Neutron diffraction at the Australian Centre for Neutron Scattering has clarified the absence of magnetic order and classified the superconductivity of a new next-generation of superconductors in a paper published in Europhysics Letters.
The iron-based nitride, ThFeAsN, which contains Th2N2 and FeAs2 layers, has been of considerable interest because unconventional superconductivity occurring at a temperature of 30 K. This material was of particular interest as the superconductivity was seen to arise without oxygen doping.
A large group of predominantly Chinese researchers, led by Prof Huiqian Luo from the Beijing National Laboratory for Condensed Matter Physics gathered diffraction measurements on the high intensity diffractometer WOMBAT, assisted by instrument scientists Dr Helen Maynard-Casely and Dr Guochu Deng based at the Australian Centre for Neutron Scattering. This enabled them to determine the crystal structure of the compound over a large temperature range.
In similar types of materials, the onset of a superconducting state is thought to be associated with magnetic ordering within the crystal structure. Earlier measurements had shown no magnetic ordering in the ThFeAsN material, and hence this neutron study was an opportunity to confirm this and search for other structural insights into the material’s properties.
The lack of magnetic order was confirmed because no difference was found between the data sets at 6 K and 40 K. All of the observed reflections could be could be identified as having arisen from the atomic structure from 6K up to 300K – no magnetic reflections were identified.
Diffraction patterns over the temperature range from 300 K to 6 K also indicated there was no structural phase transition from tetragonal to orthorhombic in the crystal lattice.
The investigators reported that the lattice parameters continuously increased with temperature due to thermal expansion and a weak distortion in the tetrahedron possibly took place at 160 K. Details from the structure point to this distortion coming from the FeAs2 layers.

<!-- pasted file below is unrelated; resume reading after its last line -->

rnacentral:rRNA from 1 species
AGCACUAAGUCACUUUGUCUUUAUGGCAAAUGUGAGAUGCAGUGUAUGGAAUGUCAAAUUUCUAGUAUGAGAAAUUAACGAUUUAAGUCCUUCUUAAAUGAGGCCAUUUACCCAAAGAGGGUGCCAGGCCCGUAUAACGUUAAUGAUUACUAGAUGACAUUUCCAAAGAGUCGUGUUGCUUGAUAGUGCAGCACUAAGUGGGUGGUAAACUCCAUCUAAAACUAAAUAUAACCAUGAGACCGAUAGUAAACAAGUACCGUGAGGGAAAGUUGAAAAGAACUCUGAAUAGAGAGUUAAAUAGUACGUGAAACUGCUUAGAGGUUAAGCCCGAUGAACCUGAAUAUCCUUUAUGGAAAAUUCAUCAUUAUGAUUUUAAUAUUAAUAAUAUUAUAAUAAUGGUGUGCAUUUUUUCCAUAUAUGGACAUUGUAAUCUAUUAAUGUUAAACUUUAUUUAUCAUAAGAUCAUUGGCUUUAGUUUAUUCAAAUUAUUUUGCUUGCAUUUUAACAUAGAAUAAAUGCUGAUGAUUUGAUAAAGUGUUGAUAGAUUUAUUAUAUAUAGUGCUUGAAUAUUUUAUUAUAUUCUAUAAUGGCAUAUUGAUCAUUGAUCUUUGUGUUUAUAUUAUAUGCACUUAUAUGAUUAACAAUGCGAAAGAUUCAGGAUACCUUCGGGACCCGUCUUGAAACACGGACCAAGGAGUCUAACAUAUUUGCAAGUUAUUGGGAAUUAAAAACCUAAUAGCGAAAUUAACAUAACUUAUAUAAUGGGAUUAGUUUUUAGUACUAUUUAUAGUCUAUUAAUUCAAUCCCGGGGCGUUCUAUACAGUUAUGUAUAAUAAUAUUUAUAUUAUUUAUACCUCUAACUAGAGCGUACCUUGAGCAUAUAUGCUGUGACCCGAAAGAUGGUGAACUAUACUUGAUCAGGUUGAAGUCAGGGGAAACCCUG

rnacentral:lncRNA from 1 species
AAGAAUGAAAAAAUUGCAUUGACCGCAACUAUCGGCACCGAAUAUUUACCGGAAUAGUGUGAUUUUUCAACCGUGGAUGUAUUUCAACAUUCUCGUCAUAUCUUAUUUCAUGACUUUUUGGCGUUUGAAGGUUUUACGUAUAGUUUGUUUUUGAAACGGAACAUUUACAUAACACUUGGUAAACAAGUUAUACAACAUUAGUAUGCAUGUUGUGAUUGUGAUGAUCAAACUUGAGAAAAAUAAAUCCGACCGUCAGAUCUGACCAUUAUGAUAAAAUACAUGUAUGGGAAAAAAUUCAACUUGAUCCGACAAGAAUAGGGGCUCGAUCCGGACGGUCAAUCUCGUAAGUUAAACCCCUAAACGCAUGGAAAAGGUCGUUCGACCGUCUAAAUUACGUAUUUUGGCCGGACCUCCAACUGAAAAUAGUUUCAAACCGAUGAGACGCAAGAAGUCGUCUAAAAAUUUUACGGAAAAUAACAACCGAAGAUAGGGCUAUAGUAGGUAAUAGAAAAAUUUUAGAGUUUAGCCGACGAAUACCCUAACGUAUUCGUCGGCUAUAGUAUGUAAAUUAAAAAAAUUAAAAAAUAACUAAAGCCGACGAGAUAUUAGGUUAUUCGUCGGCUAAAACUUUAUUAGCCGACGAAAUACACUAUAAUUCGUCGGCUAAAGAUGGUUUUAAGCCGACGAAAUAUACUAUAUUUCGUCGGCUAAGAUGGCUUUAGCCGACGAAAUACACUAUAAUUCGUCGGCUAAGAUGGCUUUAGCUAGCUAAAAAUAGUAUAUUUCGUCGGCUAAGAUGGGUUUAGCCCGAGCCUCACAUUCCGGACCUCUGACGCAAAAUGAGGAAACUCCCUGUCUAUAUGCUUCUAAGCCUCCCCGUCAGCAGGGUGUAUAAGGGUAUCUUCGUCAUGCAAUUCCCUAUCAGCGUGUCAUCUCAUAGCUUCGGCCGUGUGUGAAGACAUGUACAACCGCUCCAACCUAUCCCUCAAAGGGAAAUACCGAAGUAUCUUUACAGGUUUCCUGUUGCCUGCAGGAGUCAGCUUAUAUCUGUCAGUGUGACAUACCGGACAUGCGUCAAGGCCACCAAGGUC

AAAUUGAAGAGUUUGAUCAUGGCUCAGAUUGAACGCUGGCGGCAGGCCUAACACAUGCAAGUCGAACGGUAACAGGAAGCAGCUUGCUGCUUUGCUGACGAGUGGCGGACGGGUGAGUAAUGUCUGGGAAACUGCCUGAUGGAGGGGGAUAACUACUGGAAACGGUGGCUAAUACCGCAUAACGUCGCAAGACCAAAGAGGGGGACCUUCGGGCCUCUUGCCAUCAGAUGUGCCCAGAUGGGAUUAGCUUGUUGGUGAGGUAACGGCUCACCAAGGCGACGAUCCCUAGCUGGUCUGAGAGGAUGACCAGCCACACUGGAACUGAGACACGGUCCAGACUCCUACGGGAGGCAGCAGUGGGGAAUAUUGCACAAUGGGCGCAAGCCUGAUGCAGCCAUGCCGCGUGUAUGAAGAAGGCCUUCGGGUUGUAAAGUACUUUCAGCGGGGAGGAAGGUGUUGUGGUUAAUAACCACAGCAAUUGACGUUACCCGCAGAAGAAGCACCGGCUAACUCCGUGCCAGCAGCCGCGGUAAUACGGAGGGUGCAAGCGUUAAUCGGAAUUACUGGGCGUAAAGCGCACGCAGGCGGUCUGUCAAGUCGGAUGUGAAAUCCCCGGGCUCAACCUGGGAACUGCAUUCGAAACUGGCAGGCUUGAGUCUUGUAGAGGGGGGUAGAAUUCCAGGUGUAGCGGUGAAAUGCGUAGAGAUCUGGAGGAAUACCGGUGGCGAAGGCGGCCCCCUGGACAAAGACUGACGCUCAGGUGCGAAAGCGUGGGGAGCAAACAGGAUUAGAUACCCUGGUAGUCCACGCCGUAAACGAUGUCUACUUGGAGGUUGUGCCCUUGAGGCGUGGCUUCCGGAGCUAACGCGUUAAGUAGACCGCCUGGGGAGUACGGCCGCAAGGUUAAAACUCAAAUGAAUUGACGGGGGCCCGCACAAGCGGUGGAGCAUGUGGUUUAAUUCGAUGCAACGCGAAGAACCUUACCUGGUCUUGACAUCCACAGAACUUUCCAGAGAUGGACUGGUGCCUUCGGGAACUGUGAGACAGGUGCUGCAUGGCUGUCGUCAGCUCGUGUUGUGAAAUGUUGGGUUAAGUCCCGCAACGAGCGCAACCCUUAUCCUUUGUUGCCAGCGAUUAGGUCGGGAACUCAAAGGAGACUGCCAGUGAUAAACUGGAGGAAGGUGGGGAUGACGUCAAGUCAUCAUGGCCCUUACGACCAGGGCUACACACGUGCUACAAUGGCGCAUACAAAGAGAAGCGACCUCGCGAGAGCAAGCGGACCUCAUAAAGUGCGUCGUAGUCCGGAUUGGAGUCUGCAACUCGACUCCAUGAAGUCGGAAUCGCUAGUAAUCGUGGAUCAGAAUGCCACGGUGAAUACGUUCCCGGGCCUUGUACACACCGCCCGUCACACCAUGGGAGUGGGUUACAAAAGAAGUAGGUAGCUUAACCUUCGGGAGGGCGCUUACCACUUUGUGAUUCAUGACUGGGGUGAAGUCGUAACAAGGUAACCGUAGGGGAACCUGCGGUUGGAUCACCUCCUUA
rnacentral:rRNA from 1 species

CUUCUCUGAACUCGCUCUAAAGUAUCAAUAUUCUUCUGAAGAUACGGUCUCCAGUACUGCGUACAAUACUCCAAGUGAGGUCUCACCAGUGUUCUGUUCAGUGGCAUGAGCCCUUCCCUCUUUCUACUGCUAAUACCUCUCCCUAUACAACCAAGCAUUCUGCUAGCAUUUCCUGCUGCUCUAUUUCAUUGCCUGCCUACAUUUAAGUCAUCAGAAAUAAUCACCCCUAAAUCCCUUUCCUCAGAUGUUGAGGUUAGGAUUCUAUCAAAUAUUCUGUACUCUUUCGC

The close relationship between local structure of the FeAs4 tetrahedron and the superconducting temperature, suggested TheFeAsN is in a nearly optimised superconducting state.
This is different to many other discovered superconducting materials, which require tweaks in their chemistry to produce the highest critical temperature.
The authors also surmised that the close distance of Fe-As would favour electron hopping, reducing electron correlations and orbital order, thereby providing a reasonable explanation for the absence of magnetic order, structural transition and resistivity anomaly.
Carrier density measurements indicated that ThFeAsN could already be doped by electrons, which are probably introduced by the N deficiency or O occupancy or the reduced valence of nitrogen. The self-doping effect could be responsible for the superconductivity and suppression of magnetic order.
Research institutions that also contributed to the study included Shandong University, National Institute of Standards and Technology (US), Zhejiang University, Collaborative Innovation Centre of Advanced Microstructures (China), Collaborative Innovation Centre of Quantum Matter.